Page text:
Fluid lens flows into focus

By controlling a boundary between oil and water, researchers have created a liquid lens that can quickly alter its shape in response to electric signals.

LIVELY LENS. At different voltages, the oil-water interface, which amounts to a liquid lens, transforms from mounded hemisphere (top) to flat surface (middle) to cupped lens (bottom). Philips

Able to adjust its focusing distance from 5 centimeters to infinity in less than 10 milliseconds, the miniature lens may provide variable focusing for digital and cellphone cameras, medical endoscopes, and other products, claim Stein Kuiper and his colleagues at Philips Research of Eindhoven in the Netherlands. The company unveiled a crumb-size prototype of its new lens last month at a trade exhibition in Germany.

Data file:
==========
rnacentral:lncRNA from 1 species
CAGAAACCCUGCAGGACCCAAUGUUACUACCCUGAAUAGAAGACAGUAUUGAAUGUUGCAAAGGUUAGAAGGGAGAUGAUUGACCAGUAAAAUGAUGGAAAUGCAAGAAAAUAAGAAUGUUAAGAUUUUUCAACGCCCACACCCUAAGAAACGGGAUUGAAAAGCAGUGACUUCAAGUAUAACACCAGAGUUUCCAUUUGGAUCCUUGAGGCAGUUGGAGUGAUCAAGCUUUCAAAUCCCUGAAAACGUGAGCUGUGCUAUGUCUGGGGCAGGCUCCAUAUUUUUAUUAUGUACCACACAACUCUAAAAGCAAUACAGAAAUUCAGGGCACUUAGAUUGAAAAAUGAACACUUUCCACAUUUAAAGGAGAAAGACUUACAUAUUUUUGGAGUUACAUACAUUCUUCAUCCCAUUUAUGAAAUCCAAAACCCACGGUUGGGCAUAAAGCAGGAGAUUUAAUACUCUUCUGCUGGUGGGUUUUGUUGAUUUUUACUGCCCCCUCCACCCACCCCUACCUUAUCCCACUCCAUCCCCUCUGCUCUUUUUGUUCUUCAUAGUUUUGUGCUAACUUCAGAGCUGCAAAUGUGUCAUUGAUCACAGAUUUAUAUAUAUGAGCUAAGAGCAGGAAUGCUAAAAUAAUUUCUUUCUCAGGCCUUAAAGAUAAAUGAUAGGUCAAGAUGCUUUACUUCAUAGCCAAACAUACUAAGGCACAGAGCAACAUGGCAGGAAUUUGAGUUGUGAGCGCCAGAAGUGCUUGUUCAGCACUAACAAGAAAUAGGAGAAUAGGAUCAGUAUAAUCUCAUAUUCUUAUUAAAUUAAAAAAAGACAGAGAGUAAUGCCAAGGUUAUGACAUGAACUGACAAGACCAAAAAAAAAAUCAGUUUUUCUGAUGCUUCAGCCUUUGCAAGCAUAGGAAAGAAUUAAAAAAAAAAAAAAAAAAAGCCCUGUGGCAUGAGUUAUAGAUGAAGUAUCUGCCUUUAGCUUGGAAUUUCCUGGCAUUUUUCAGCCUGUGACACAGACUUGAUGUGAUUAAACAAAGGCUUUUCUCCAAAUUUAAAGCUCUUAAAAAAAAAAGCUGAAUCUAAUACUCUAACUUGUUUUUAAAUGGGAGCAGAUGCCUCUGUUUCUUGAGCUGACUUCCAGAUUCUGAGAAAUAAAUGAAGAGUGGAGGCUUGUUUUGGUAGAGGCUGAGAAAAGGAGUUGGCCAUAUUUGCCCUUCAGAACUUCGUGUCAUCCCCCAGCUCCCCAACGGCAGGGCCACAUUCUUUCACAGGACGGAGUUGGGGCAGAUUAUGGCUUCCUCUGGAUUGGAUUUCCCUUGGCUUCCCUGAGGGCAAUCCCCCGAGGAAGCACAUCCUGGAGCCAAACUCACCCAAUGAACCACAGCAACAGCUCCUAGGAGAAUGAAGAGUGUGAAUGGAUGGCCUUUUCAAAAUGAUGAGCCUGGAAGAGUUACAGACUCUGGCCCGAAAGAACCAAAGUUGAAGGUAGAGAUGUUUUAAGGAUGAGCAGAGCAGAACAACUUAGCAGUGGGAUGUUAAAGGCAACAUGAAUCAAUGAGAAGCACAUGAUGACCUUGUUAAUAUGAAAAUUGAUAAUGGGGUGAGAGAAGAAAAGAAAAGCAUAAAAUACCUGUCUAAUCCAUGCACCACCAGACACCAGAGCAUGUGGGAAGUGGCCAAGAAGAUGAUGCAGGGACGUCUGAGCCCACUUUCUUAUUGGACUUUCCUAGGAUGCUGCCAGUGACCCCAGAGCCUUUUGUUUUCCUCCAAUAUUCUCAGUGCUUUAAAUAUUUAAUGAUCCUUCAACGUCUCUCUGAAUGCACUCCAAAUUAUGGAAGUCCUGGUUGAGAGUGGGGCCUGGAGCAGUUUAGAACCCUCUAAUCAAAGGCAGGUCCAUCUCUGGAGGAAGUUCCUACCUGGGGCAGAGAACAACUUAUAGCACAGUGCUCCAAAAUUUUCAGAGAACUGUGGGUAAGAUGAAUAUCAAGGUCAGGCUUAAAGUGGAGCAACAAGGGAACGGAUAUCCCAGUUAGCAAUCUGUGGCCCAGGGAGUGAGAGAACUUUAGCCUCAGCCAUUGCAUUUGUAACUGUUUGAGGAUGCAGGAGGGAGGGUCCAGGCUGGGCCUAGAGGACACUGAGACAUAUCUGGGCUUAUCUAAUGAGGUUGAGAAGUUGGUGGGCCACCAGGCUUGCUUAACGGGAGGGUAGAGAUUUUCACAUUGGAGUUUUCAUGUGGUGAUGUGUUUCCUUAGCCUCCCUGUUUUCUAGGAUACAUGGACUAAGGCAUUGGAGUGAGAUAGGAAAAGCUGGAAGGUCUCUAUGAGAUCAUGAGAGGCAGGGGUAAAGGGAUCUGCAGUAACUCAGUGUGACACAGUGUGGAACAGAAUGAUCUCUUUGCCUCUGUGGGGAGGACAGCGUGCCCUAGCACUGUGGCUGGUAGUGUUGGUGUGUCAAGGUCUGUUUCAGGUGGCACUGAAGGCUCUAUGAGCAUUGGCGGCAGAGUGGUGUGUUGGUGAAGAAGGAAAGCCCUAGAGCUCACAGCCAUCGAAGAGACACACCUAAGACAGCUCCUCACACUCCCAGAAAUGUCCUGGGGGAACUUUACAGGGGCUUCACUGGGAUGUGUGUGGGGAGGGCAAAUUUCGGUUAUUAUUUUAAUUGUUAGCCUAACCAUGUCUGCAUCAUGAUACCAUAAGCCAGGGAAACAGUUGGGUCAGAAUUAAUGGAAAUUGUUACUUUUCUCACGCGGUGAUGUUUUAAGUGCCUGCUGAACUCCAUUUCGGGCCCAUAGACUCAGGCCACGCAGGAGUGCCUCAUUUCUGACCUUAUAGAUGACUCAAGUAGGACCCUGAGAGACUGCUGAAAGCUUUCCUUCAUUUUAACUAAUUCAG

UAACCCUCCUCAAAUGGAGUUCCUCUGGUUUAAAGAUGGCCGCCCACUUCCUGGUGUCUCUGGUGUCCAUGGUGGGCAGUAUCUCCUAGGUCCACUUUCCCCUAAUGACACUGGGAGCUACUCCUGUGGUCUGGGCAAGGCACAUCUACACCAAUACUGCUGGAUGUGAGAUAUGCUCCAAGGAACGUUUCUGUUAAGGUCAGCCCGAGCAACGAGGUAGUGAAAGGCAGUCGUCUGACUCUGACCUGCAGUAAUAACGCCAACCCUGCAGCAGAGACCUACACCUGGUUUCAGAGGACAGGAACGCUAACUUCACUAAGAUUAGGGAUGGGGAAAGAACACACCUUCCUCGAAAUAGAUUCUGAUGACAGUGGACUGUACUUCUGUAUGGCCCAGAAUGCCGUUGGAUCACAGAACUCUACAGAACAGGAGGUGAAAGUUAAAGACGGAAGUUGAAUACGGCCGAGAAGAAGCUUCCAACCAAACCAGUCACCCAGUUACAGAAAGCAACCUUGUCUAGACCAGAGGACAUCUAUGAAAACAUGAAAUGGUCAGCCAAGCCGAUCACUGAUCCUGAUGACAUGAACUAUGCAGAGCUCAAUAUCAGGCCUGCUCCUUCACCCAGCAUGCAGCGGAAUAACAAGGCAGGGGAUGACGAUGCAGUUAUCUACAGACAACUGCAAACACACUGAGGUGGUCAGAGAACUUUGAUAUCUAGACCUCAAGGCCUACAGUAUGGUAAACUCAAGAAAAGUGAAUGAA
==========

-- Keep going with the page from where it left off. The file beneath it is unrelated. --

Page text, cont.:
To make the lens, Philips researchers applied a water-repellent coating to the inside of a tiny tube capped at one end. Adding drops of a watery solution and oil to the tube and then sealing the open end with a transparent, uncoated cap, the researchers found that the water hunkered down into a hemispherical lens at the uncoated end.

By applying a voltage to the tube, the researchers could diminish the coating’s repulsiveness, allowing the lens’ outside edge to creep up the once-repellent walls by capillary action. As the water climbed the walls under various voltages, the curvature of its upper surface changed, modifying the lens’ focal length.

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